Friday, June 2, 2006

An Inconvenient Truthism

Tonight I saw the documentary of Al Gore's crusade to alert the world to global climate change, An Inconvenient Truth. And earlier this week, some workmen cut down a large tree in my backyard.

Don't worry, I'm not going to relate these in a predictable way.

Rather, I'm going to praise the movie and relate deep concerns about my own ability to focus on a dedicated career path.

The tree behind my house was big and beautiful, perhaps 50-100 years old. About 12 feet off the ground, it split into two dominant trunks instead of one central trunk, growing straight up. The bifurcation seemed to compromise the typical vertical stability of a tree, and it had developed an ungainly lean towards the house. Thus the owners elected to cut it down.

Similarly, my own dedicated interests pull me in compromising directions. I, like some friends I've discovered, have something of a creative myopia that causes me to put myself into whatever role I am most directly looking at. If I'm watching a great film, I consider my life in terms of filmmaker, scriptwriter, preeminent actor. If I'm walking the halls of the Supreme Court, I think to myself, "Yes, I'll totally be a Supreme Court Justice. I'd better look into the LSAT." And if I read Vasari, I quickly fix myself into the historical context of great artists.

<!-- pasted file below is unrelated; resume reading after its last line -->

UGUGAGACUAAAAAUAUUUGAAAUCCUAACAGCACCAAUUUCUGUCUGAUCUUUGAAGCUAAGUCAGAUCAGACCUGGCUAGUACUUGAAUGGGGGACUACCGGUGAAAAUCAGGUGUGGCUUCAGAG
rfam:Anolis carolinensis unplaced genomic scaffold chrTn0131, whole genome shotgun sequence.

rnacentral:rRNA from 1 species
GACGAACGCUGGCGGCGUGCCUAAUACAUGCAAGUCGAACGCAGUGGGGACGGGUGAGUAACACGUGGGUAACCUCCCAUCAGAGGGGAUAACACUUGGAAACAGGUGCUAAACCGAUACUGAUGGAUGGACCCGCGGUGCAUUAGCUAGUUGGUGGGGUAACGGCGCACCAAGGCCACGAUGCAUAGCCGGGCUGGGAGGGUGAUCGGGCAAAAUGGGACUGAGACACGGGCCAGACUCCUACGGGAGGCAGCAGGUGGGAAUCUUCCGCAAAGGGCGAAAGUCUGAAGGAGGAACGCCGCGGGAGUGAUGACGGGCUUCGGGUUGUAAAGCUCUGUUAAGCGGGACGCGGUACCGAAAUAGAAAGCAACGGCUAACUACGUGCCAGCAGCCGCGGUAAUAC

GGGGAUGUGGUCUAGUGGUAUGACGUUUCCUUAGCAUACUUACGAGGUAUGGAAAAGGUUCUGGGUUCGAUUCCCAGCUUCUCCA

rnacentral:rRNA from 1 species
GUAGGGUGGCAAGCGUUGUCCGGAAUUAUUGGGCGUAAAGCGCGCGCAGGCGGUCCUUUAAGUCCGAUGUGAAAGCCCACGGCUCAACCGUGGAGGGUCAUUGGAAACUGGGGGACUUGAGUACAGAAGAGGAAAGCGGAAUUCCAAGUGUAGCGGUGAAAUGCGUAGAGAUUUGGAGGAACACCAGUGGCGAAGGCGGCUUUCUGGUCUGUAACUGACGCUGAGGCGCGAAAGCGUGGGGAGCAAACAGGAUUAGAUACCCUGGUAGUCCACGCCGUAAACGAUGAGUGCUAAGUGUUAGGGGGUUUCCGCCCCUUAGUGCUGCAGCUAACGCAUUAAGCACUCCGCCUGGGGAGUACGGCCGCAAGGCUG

It's fairly ridiculous, perhaps symptomatic of any democracy as de Tocqueville noted, and existentially ADD in a way that alternately could be praised as the fruit of an undying curiosity or derided as the side effect of a debilitating lack of focus.

Watching Gore's presentation makes it very clear that the world is at an environmental and cultural tipping point. Environmentally, wide scale reduction in CO2 omissions is urgently needed, while culturally, there is a demand for serious awareness and reevaluation of what macro lifestyles can be sustained by the earth. The film outlines Gore's career of drawing attention to this issue, and how the 2000 mis-election diverted his full focus back to it.

Watching the film has had a similar effect on me. Washington is, perhaps, the most political city in the world, and one can't avoid osmosizing a degree of it. Seeing Gore present his case should strike a chord with any viewer to seek considerable change in the nation's practices and policies (to say nothing of leadership).

So thoughts of how I can involve politics into my career are now enriching/clouding my pursuit. Perhaps this is good, perhaps I should banish the thoughts and focus on art/music/film/writing. But even a successful career in these pales without a dedicated component of service of some kind. Ongoing, lasting service, to mirror a substantial, lasting contribution to the arts.

That's all I want.

So coming right up, the next installment of the Analog Jetpack comic.

That's all I'm saying.

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